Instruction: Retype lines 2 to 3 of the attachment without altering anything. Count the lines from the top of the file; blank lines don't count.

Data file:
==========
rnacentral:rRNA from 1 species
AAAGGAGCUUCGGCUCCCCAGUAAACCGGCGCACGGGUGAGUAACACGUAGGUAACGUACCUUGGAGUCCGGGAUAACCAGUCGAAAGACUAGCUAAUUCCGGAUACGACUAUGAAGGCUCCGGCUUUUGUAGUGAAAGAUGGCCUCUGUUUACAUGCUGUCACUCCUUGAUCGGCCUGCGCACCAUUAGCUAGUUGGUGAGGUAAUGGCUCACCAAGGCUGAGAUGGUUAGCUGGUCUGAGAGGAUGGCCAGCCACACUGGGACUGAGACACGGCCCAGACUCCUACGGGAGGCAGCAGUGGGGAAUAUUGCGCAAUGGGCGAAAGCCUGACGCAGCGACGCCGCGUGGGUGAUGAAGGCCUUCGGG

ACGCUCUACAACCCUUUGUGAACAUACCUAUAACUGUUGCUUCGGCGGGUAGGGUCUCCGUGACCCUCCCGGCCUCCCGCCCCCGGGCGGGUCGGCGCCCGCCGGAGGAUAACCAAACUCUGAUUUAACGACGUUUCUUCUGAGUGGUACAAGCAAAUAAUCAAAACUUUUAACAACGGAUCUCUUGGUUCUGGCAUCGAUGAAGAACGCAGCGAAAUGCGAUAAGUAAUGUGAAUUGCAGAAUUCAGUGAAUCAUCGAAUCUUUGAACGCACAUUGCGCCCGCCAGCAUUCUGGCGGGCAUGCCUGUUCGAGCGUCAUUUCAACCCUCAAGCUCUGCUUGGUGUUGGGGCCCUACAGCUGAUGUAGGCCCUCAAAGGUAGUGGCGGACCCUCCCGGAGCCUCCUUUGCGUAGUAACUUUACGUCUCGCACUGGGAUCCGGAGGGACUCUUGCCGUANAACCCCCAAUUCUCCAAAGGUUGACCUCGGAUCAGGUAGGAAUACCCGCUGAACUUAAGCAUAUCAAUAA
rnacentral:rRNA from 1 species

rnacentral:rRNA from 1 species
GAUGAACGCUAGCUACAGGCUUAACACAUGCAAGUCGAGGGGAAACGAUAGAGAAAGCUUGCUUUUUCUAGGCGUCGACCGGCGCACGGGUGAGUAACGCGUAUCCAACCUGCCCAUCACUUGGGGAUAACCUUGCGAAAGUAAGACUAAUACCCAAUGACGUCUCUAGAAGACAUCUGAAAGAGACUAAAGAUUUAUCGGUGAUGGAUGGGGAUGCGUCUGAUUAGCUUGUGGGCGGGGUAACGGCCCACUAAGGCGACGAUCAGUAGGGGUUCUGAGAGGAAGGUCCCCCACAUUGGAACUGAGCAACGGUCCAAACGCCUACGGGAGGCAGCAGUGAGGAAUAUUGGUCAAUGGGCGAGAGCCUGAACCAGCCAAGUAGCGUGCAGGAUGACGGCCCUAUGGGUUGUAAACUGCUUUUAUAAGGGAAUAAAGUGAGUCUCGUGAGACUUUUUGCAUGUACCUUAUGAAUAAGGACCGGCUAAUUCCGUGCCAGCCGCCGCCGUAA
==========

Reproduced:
AAAGGAGCUUCGGCUCCCCAGUAAACCGGCGCACGGGUGAGUAACACGUAGGUAACGUACCUUGGAGUCCGGGAUAACCAGUCGAAAGACUAGCUAAUUCCGGAUACGACUAUGAAGGCUCCGGCUUUUGUAGUGAAAGAUGGCCUCUGUUUACAUGCUGUCACUCCUUGAUCGGCCUGCGCACCAUUAGCUAGUUGGUGAGGUAAUGGCUCACCAAGGCUGAGAUGGUUAGCUGGUCUGAGAGGAUGGCCAGCCACACUGGGACUGAGACACGGCCCAGACUCCUACGGGAGGCAGCAGUGGGGAAUAUUGCGCAAUGGGCGAAAGCCUGACGCAGCGACGCCGCGUGGGUGAUGAAGGCCUUCGGG

ACGCUCUACAACCCUUUGUGAACAUACCUAUAACUGUUGCUUCGGCGGGUAGGGUCUCCGUGACCCUCCCGGCCUCCCGCCCCCGGGCGGGUCGGCGCCCGCCGGAGGAUAACCAAACUCUGAUUUAACGACGUUUCUUCUGAGUGGUACAAGCAAAUAAUCAAAACUUUUAACAACGGAUCUCUUGGUUCUGGCAUCGAUGAAGAACGCAGCGAAAUGCGAUAAGUAAUGUGAAUUGCAGAAUUCAGUGAAUCAUCGAAUCUUUGAACGCACAUUGCGCCCGCCAGCAUUCUGGCGGGCAUGCCUGUUCGAGCGUCAUUUCAACCCUCAAGCUCUGCUUGGUGUUGGGGCCCUACAGCUGAUGUAGGCCCUCAAAGGUAGUGGCGGACCCUCCCGGAGCCUCCUUUGCGUAGUAACUUUACGUCUCGCACUGGGAUCCGGAGGGACUCUUGCCGUANAACCCCCAAUUCUCCAAAGGUUGACCUCGGAUCAGGUAGGAAUACCCGCUGAACUUAAGCAUAUCAAUAA